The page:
RIYADH - Saudi Arabian Mining Company Ma'aden has successfully extracted lithium from seawater, although not at levels that are commercially viable and its project remains at the pilot stage, its CEO told Reuters on Tuesday.

"We are actually producing lithium from seawater now," Robert Wilt said, without giving further details.

Wilt, who is vice chairman of Manara Minerals, also said that company was not looking at acquiring diamond business De Beers. "We are not looking at De Beers at all," he said.

London-listed miner Anglo American has considered selling off its less profitable businesses like De Beers as it fends off BHP Group's $43 billion takeover offer.

"The kingdom does not need diamonds for its downstream development," Wilt said. "Manara's mandate is industrial metals that fuel the downstream growth."

Manara Minerals is a joint venture between Ma'aden and Saudi Arabia's $925 billion sovereign wealth fund, the Public Investment Fund (PIF), to invest in mining assets abroad.

Ma'aden, the kingdom's flagship mining company, is 67% owned by the PIF.

The United States and China are locked in a race over acquiring access to lithium, a mineral key for electric car batteries, laptops and smartphones.

Saudi Arabia has joined the pack and hopes to use lithium to manufacture batteries for electric vehicles (EVs) as part of its ambitions to transform itself into an EV hub.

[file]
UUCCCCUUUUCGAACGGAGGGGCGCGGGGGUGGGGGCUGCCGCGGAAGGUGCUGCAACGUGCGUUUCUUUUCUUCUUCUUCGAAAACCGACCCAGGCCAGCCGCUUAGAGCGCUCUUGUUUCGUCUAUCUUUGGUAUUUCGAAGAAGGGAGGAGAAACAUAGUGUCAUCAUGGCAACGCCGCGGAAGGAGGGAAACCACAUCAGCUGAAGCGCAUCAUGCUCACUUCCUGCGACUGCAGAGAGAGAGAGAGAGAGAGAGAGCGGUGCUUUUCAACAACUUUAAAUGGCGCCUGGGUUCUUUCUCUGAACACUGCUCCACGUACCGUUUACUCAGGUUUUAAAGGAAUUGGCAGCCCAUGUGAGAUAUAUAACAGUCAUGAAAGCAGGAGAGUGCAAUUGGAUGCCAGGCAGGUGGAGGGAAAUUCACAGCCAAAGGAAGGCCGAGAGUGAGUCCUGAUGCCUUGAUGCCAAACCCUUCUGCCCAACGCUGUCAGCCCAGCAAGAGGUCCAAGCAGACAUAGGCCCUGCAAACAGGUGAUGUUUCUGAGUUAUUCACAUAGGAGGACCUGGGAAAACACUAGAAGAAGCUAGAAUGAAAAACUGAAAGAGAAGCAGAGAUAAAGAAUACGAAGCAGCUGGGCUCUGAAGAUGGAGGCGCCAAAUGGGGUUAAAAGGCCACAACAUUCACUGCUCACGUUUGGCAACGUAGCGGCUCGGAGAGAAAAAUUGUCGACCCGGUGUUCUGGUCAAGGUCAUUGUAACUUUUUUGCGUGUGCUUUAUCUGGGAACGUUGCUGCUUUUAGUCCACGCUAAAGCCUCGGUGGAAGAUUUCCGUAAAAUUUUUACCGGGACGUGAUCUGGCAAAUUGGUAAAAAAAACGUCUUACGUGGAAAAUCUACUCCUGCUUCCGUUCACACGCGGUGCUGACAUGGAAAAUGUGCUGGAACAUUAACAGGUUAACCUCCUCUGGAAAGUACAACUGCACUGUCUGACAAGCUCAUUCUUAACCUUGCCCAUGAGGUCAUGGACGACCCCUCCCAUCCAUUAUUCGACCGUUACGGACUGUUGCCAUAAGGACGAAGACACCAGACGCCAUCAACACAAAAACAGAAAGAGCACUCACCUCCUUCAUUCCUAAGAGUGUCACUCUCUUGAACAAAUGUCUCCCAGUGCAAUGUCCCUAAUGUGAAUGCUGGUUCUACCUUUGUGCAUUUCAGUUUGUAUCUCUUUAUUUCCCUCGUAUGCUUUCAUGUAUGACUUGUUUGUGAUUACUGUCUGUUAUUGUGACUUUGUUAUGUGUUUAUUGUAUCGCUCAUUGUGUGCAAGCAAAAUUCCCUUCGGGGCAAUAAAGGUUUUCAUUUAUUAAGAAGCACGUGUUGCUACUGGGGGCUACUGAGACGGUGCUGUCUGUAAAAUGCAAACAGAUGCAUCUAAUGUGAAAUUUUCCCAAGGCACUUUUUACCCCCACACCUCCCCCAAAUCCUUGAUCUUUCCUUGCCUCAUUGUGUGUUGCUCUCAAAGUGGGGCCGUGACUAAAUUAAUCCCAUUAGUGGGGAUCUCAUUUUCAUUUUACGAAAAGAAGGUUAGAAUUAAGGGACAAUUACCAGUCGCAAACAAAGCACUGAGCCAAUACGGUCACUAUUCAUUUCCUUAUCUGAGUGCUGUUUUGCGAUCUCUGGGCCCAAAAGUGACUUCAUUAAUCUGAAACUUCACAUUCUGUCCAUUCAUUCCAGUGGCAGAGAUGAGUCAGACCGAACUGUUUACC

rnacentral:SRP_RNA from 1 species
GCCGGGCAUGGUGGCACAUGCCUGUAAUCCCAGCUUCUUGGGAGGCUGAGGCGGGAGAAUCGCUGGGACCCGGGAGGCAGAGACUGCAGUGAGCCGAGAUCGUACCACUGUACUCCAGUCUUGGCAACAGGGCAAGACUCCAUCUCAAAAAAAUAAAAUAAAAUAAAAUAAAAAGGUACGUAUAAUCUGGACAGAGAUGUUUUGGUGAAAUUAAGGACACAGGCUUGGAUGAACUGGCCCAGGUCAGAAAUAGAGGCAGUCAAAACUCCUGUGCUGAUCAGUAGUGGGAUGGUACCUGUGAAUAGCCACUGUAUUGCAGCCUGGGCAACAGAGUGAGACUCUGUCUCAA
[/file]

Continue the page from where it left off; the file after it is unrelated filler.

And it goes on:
The kingdom's growing mining industry is a key pillar in de-facto ruler Crown Prince Mohammed Bin Salman's Vision 2030 programme to diversify the economy away from oil dependency.

Saudi Arabia's national oil giant Aramco is also attempting to extract lithium from brine in its oilfields, although Wilt says Aramco's efforts are so far separate from Ma'aden's.

"We are both working parallel paths. Ma'aden on extracting lithium from seawater. Aramco from brines where lithium has higher concentration," he said.

"There are ongoing discussions about how we can join forces," he added.

While these projects remain in their early stages, Saudi Arabia is seeking to acquire lithium abroad, along with other critical minerals.

"We are looking overseas for interests in copper, lithium, iron ore, and nickel," said Wilt.

Manara's first major venture abroad was to acquire a 10% stake in Brazil's $26 billion copper and nickel miner Vale Base Metals. Through Vale, Wilt said Manara had gained access to the Brazilian miner's operations in Canada and Indonesia. Manara is also in talks with other companies to open new ventures.

"We like things in East Asia through Africa, because we are potentially a centralized processing hub," he said, referring to Saudi Arabia's position in the supply chain.

(Reporting by Pesha Magid; Editing by Jan Harvey and Susan Fenton)